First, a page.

A Mind for Singing
Many of us experience the guilty pleasure of schadenfreude when observing the mishaps of poor-pitch singers on shows like American Idol. “How”, we wonder, “could anyone sing so poorly?” In this talk I will attempt to turn that question on its head. Given the complexity involved in vocal pitch matching, I will argue, one may rightly wonder how any of us can sing accurately! My talk will consider singing as a neuro-cognitive skill. I propose that you should be awestruck by singing skill based on (a) the indirect way in which singers match voice to pitch, (b) the considerable motor and cognitive flexibility required for singing, and (c) the complex interpersonal coordination required by singing along with other singers and/or musicians. Developmentally, it appears that singing abilities develop by practice rather than spontaneously, and may not be constrained by a critical period. So this incredible skill may in fact be accessible to almost anyone, even the poor souls on American Idol.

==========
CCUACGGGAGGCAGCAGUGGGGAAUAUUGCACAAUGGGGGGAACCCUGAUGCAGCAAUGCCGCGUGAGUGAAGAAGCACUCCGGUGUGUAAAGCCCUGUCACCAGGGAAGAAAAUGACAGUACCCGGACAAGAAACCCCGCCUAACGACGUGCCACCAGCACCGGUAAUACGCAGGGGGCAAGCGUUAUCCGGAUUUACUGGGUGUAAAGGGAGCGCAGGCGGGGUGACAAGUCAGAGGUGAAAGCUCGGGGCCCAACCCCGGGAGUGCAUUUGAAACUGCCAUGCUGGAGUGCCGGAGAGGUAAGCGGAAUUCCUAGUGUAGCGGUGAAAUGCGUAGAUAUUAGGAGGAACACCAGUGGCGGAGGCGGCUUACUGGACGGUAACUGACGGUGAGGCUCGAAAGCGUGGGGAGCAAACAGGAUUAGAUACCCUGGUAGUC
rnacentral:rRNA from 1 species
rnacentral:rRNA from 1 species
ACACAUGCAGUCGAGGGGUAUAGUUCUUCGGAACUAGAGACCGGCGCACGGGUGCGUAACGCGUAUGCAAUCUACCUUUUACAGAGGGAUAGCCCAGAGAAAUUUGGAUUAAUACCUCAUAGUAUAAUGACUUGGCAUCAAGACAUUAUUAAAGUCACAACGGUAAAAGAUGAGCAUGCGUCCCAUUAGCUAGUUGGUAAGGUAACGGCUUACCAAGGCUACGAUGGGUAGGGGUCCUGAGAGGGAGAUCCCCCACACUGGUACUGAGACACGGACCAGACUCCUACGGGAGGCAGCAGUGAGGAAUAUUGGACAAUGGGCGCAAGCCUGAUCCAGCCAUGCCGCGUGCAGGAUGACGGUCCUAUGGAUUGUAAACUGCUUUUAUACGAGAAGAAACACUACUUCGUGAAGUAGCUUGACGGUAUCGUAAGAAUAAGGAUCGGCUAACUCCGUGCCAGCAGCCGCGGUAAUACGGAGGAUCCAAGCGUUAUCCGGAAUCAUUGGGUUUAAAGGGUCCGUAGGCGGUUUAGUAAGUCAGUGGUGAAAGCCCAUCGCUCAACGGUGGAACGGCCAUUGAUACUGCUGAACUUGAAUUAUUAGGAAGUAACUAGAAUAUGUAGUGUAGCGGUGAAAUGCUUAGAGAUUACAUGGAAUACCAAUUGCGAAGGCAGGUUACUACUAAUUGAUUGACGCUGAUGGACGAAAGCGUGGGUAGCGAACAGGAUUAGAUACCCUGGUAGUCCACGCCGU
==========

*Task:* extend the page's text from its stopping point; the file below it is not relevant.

--2013 MIMM NeuroMusic Conference: "Modeling the Musical Experience" hosted by McMaster University, November 23, 2013. Related URL https://mimm.mcmaster.ca/events/neuromusic-conference/neuromusic-conference-2013-modeling-the-musical-experience.
2013 NeuroMusic Conference
Pfordresher, Peter Q.; Fagan, Leslie; Rensink-Hoff, Rachel; McMaster University Chamber Choir; and Halpern, Andrea, "A Mind for Singing" (2013). Other Faculty Research and Publications. 124.